Collaboration tools: Useful, Usable and Used

Posted by Dermot Crowley on 21st August 2017

Productive collaboration requires visibility across the team. To work well together, we need to have access to the right information, at the right time. We are sometimes managing complex work across multiple people in different locations. The more visible we can make this work, the easier it is to manage.

The good news is that there are many tools out there that can help with this. We have everything from Agile boards festooned with Sticky Notes, to cloud-based planning and scheduling tools for projects. We have CRM systems for customer management, and of course our old friends Microsoft Outlook and OneNote. Getting access to tools is not the issue. It is making sure these tools are useful, usable and used. This can make the difference between our collaboration tools being adopted across the team, or lying dormant on our desktop.

Collaboration tools will only be embraced if they are useful.  They must add value and help us to do our job more effectively. They need to be usable as well. That means they should be easy to use in most situations. And finally, they should be used, not just by a few, but by all of the relevant people in the team. This is usually where the real value of the tool lies.

Let me illustrate with a real-life example. We implemented a new CRM (Customer Relationship Management) system last year. I will be honest – I have struggled. If I run it through my three criteria, I get mixed results.

Is it useful? Yes, it adds great value.

Is it usable? That depends. If I am at my desk, yes. If I am out and about, not really. Access to the system from my iPad or iPhone is not great, and that is often when I need to review client information, or input notes against a client meeting.

Is it used? Again, not really by anyone but myself and Chauntelle. Because of this I find it less compelling to bother updating it myself just for my own benefit. We are working through these issues, and feel that there is value in doing so, but it has been a struggle.

Now compare that scenario to our use of MS OneNote. I use this tool to take all meeting notes, to plan and manage simple projects, to collate research and to even manage my grandfather’s historical records. I use OneNote every day, many times each day. I would be lost without it. Let’s run it through the three criteria.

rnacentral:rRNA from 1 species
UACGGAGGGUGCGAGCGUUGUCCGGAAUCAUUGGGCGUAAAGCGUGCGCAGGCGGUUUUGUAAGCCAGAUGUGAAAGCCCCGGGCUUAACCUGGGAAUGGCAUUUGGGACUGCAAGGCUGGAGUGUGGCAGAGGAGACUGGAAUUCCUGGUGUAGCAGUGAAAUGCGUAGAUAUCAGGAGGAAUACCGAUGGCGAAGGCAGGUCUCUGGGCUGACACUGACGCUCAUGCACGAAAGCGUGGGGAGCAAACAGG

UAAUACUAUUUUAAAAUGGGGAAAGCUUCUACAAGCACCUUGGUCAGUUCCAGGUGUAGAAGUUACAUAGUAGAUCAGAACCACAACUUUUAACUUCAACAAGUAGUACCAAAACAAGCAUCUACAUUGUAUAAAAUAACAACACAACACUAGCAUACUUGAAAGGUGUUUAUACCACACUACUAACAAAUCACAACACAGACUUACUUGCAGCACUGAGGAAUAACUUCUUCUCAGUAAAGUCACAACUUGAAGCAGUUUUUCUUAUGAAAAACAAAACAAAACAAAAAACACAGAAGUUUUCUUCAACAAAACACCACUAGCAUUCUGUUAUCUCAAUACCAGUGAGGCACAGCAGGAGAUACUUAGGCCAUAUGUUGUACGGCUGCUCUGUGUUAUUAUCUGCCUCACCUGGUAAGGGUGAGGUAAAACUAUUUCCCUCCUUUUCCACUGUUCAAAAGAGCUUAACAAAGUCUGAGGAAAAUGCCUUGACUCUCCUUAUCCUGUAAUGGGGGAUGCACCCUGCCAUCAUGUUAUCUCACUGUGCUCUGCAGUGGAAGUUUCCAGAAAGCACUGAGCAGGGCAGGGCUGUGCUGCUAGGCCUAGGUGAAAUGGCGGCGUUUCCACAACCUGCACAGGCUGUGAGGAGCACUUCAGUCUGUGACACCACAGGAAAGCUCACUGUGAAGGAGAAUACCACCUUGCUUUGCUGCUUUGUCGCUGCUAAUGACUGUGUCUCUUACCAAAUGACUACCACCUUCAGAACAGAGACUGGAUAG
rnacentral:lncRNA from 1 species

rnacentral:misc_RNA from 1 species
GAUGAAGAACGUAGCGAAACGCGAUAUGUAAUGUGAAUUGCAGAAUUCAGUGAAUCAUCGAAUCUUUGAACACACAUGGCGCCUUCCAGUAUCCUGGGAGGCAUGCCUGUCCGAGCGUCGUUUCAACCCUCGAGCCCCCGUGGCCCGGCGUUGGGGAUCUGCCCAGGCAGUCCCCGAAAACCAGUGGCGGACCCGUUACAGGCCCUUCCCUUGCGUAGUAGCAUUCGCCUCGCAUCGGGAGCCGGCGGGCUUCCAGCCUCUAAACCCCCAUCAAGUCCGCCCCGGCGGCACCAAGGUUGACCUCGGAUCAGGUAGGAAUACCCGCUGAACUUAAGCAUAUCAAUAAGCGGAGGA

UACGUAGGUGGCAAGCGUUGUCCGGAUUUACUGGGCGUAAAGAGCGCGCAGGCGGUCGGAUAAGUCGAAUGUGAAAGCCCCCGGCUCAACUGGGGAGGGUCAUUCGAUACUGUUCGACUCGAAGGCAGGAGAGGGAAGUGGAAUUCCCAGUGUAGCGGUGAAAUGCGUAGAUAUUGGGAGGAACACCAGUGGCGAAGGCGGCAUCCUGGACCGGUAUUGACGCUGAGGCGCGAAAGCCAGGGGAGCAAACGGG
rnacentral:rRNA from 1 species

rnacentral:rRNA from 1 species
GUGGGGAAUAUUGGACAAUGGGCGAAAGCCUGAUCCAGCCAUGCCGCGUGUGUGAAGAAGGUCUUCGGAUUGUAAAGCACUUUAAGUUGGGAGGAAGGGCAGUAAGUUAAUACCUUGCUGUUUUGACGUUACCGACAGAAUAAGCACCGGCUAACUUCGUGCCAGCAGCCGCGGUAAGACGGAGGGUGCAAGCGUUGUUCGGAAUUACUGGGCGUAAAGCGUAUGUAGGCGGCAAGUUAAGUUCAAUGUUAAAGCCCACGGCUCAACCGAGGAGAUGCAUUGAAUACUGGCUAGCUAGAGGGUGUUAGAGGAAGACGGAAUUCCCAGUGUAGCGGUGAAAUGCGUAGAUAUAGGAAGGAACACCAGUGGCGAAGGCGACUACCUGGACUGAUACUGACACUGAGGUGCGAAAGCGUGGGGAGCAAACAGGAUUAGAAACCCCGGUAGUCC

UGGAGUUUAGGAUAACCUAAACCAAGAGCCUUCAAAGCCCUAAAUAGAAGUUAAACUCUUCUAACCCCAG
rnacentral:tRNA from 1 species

Is it useful? Yes, immensely so.

Is it usable? Yes, it is very intuitive and easy to access on all my devices. Anytime, anyplace, anywhere as the Martini Rosso advert used to say. There is no friction that impedes me using it, so habits build quickly around the new tool.

Is it used? Yes, the whole team has embraced it. In a few short months, it has become an integral part of our business. And as other members of the team start to use OneNote, I am encouraged to use it more, and so it goes in an upward spiral.

So how do we ensure that our collaboration tools are useful, usable and used? Keep the following in mind when you are introducing your next collaboration tool:

  • Don’t just jump at the latest gadget or fad. Take the time to work out what you are trying to achieve, and which tools can best meet your needs.
  • Set the context with your team, and help them understand why and how this will help them do their job with a little less friction
  • Give them training so they know how to use the tool
  • Ensure IT have set the tools up in a way that makes them easy to use in every situation
  • Create champions who will carry the flag in the first few months. These champions should also double as onsite coaches in the early days
  • Lead by example. Don’t expect others to do what you don’t.

My CRM tool is not a bad tool, but its weaknesses have caused me friction. OneNote is not a perfect tool, but it works well enough to create flow for me. Your collaboration tools should all create flow, for the whole team. If not, you may find that nobody uses them.

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